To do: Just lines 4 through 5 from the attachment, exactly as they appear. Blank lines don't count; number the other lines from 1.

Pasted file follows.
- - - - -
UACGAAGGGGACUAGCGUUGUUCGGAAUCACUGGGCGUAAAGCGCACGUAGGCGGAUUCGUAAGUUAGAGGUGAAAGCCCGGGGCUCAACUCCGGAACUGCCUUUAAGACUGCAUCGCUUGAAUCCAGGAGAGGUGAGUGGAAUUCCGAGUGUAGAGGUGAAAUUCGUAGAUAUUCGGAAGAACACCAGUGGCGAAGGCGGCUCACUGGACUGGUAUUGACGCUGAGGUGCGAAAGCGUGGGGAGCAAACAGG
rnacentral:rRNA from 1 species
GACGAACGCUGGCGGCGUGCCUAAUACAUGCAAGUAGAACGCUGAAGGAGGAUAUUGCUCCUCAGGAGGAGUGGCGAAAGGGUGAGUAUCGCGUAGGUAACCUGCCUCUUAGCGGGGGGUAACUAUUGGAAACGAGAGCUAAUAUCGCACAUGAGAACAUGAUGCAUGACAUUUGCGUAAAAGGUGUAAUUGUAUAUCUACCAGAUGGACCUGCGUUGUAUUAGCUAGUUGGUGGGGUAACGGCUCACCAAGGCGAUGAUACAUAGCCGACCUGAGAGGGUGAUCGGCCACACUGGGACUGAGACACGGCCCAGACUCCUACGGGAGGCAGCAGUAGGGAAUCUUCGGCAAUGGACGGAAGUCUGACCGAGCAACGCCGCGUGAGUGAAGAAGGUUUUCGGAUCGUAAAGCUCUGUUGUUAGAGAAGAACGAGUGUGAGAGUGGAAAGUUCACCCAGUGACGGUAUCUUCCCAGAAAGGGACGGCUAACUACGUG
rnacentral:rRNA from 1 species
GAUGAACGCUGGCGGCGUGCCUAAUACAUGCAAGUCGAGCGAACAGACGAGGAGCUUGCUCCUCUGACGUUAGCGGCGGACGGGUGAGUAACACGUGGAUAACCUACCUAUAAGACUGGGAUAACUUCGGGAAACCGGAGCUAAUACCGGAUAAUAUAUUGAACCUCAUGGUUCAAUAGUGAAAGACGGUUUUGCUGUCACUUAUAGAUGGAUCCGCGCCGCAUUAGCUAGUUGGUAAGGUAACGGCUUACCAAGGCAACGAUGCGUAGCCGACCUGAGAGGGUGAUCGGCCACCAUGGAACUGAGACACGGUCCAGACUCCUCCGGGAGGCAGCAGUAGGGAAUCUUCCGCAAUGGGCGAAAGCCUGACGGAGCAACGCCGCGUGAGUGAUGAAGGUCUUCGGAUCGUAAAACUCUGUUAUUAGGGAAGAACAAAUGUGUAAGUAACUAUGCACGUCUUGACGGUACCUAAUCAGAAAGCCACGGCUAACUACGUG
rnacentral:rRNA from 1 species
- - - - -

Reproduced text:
rnacentral:rRNA from 1 species
GAUGAACGCUGGCGGCGUGCCUAAUACAUGCAAGUCGAGCGAACAGACGAGGAGCUUGCUCCUCUGACGUUAGCGGCGGACGGGUGAGUAACACGUGGAUAACCUACCUAUAAGACUGGGAUAACUUCGGGAAACCGGAGCUAAUACCGGAUAAUAUAUUGAACCUCAUGGUUCAAUAGUGAAAGACGGUUUUGCUGUCACUUAUAGAUGGAUCCGCGCCGCAUUAGCUAGUUGGUAAGGUAACGGCUUACCAAGGCAACGAUGCGUAGCCGACCUGAGAGGGUGAUCGGCCACCAUGGAACUGAGACACGGUCCAGACUCCUCCGGGAGGCAGCAGUAGGGAAUCUUCCGCAAUGGGCGAAAGCCUGACGGAGCAACGCCGCGUGAGUGAUGAAGGUCUUCGGAUCGUAAAACUCUGUUAUUAGGGAAGAACAAAUGUGUAAGUAACUAUGCACGUCUUGACGGUACCUAAUCAGAAAGCCACGGCUAACUACGUG